Community Members Demand More Transparency At Bigstone Cree Nation

“We are kept in the dark, and don’t know what’s happening.”

When the previous federal government brought in the First Nations Financial Transparency Act, it was heavily criticized by many politicians – including the Trudeau Liberals. It was also criticized by many First Nations Chiefs.

However, one voice that was often left out was the voice of people on the many First Nations across Canada, many of whom live in poverty even as Chiefs and federal politicians rack up big paydays.

After taking power, the Trudeau government weakened the Act, removing financial penalties for First Nations that didn’t provide full financial info.

Unfortunately, this has done nothing to help the many people who continue to live on communities that are often in third-world conditions, even as their “leaders” make a yearly salary that is well-above the national average. Because, without transparency, there is no way for community members to be sure that resources are actually going where they should.

Travis Gladue seeks more transparency at Bigstone Cree Nation

I recently spoke about this with Travis Gladue from Bigstone Cree Nation in Northern Alberta.

Gladue is a former Serviceman with the Canadian Forces, and has members of his immediate family living in Bigstone Cree Nation. He is the head of the Bigstone Empowerment Society, which features 800 members both on and off reserve advocating for transparency and accountability from the Chief & Council.

Gladue discussed the concerns that he and some community members have regarding transparency.

He says that in November of 2016, he sent a letter to Chief & Council asking for invoices and access to info on all Band-Owned businesses.

He did not get the requested info.

Gladue says it had been found that there are companies owned by the band in which the Chief & Council are on the Board of Directors, yet those companies are not listed on the Bigstone Cree Nation website under “businesses & entities,” and details of the companies are not being made available to the community.

“Chief and Council have not been forthcoming about being on the boards,” says Gladue.

Gladue also pointed out documents that show the Alberta Lottery Fund provides funding to Bigstone Cree Nation, but says the info on how those grants were allocated isn’t available to the community either.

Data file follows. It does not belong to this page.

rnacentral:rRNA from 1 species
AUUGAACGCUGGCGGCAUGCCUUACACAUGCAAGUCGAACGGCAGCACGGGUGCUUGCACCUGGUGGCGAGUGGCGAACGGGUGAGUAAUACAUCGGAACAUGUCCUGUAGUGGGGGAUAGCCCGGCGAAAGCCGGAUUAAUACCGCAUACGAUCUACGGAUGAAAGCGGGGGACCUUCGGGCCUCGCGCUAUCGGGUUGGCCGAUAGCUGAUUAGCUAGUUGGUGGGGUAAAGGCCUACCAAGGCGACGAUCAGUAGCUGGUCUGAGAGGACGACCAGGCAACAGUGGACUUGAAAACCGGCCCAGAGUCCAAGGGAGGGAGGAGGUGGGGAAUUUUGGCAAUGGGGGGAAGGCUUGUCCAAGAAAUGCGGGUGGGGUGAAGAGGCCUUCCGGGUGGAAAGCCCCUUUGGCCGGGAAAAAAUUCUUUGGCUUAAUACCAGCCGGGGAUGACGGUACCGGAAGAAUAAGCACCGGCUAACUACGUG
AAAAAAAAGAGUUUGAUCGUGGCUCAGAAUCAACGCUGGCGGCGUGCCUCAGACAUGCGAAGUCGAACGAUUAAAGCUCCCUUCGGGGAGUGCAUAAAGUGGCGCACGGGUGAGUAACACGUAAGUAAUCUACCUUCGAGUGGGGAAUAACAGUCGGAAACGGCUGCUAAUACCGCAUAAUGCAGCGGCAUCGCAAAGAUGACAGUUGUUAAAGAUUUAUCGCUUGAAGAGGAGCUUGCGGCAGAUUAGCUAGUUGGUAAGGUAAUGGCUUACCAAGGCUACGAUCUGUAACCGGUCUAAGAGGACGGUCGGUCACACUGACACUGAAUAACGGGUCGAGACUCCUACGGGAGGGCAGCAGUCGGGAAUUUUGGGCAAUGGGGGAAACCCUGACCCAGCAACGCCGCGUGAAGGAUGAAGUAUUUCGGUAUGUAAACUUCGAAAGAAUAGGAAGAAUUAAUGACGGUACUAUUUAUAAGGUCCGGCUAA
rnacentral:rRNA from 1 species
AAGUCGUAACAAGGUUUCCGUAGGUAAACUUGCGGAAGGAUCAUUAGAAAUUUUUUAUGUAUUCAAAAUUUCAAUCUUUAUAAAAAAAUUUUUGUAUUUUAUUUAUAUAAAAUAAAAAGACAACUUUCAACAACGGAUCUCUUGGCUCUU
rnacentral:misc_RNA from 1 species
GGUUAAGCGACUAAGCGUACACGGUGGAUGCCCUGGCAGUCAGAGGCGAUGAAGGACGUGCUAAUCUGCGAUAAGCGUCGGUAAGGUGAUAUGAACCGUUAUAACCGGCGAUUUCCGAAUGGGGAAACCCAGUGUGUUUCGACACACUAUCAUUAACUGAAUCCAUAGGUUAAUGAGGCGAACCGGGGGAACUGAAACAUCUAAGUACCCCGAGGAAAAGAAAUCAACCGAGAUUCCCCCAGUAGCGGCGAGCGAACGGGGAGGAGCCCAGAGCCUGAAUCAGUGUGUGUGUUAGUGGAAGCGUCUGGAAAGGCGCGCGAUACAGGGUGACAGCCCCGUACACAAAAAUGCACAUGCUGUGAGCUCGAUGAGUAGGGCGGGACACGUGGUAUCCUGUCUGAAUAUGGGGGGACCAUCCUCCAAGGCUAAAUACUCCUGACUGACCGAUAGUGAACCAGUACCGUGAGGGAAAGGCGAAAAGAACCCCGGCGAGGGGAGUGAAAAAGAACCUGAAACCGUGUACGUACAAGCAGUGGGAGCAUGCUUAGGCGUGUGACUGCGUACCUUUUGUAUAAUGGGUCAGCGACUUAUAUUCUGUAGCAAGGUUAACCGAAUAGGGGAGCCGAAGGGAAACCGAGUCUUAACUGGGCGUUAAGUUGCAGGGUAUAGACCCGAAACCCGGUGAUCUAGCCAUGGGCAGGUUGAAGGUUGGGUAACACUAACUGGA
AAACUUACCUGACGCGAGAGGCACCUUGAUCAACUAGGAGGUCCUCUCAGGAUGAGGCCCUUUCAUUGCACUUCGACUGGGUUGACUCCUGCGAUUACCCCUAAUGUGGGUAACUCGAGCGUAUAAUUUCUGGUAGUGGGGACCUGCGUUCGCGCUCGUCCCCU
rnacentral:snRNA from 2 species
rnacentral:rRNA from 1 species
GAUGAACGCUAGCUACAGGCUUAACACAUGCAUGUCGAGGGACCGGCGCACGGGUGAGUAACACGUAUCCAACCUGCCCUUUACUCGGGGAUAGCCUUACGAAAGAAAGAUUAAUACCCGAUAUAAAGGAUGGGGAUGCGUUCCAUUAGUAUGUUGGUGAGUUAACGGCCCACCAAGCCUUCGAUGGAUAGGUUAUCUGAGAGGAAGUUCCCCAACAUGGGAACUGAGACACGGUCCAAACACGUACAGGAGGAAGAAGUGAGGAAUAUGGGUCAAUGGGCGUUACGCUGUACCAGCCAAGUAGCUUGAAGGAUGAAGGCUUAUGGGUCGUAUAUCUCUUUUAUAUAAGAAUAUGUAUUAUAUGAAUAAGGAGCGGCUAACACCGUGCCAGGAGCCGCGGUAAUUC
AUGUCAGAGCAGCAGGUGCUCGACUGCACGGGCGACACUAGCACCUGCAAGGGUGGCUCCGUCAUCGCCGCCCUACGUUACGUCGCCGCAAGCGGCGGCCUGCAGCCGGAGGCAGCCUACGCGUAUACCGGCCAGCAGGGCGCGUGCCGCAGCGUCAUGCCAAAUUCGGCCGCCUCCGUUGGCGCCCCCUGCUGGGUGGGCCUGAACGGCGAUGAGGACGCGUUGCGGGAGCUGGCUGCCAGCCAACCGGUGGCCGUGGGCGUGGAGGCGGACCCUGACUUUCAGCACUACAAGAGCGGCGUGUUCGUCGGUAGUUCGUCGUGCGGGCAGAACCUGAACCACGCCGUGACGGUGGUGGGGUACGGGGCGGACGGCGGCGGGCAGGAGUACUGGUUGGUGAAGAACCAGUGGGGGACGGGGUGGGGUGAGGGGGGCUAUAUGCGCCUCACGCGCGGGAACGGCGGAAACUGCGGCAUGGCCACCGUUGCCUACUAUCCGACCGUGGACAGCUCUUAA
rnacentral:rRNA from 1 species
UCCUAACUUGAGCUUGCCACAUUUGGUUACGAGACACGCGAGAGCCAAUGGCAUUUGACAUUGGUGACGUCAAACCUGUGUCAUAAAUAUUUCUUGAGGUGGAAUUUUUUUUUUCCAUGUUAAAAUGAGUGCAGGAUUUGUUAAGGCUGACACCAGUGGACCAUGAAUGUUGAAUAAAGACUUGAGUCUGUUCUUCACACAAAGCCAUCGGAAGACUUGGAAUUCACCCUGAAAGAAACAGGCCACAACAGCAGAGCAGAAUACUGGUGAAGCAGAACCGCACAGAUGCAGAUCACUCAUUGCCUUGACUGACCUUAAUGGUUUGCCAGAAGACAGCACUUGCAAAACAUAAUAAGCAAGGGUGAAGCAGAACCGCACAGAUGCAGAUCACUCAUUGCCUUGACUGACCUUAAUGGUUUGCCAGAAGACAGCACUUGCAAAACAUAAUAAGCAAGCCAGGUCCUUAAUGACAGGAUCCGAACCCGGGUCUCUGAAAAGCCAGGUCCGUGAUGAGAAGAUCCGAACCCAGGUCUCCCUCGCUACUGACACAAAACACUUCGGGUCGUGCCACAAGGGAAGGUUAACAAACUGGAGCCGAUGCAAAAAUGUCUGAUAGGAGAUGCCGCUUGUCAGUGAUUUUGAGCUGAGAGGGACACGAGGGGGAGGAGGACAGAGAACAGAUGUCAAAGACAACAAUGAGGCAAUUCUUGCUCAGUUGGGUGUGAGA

He also noted that “Bigstone Cree Nation owns Bigstone Health Holdings which is a part of our Health Division, and there are current negotiations taking place with Bigstone Health Holdings and 1st Canadian Medical Supply.”

However, he says “We as members don’t know the details of this agreement or how much is the potential buy out.”

Community members want to know where the money is going

In a letter Gladue sent to Minister Jane Phillipot he noted that “We have uncovered businesses owned by the band that has not been shared to members as well. Furthermore with this lack of transparency we will be advocating for an forensic audit to be conducted on Bigstone Cree Nation Entities for 2018.”

He also said, “Myself and fellow members have requesting access to financial records pertaining to all the Nations Owned Entities since 2015 by financial request letter.”

Gladue says that he met with Indian & Northern Affairs Canada, and went to Minister Bennett – who moved the issue to the Investigation Division.

However, Gladue says the issue is still up in the air, hasn’t been resolved, and nobody knows where it currently stands (except the federal government).

Forensic audit requested

To be clear, there is no documented evidence of wrong-doing by the Chief & Council. That said, Gladue points out that the people of Bigstone Cree Nation have not been given access to financial statements, and unless the books are opened or there is a forensic audit, it can’t be determined what is really going on.

So, the members of Bigstone Cree Nation are definitely right to want a forensic audit.

As you can see below, some of the housing in the community is in terrible condition:

Without having a clear sense of where money from Band-Owned businesses and other revenue is going, it’s fair for people in the community to wonder why housing is in such rough condition.

As Gladue said, many people feel “We are kept in the dark, and don’t know what’s happening.”

In fact, Gladue noted that while the community is supposed to have four community meetings, they only had their first meeting on October 17, 2017, and the Chief didn’t even attend.

Trudeau government “gutting the Transparency Act”

This brings us back to the point I made at the outset.

While federal politicians and some Chiefs may have opposed the First Nations Financial Transparency Act, it was a way to ensure that community members on Reserves knew exactly where the money is going.

As Gladue pointed out in our conversation, the federal government is “gutting the Transparency Act,” and nobody knows what it will be replaced with.

This is the downside of the Trudeau government playing political games. They certainly won political support by promising to weaken the Act, but it seems the consequence is damaging to First Nations communities.

All Canadians – regardless of where they live in our country – have the right to know what our leaders are doing with the money created by taxpayers and community members. If leaders aren’t prepared to provide that info to those they serve, it’s common sense that doubts would start to arise as to who those leaders are really working for.

Spencer Fernando

Photos – provided by Travis Gladue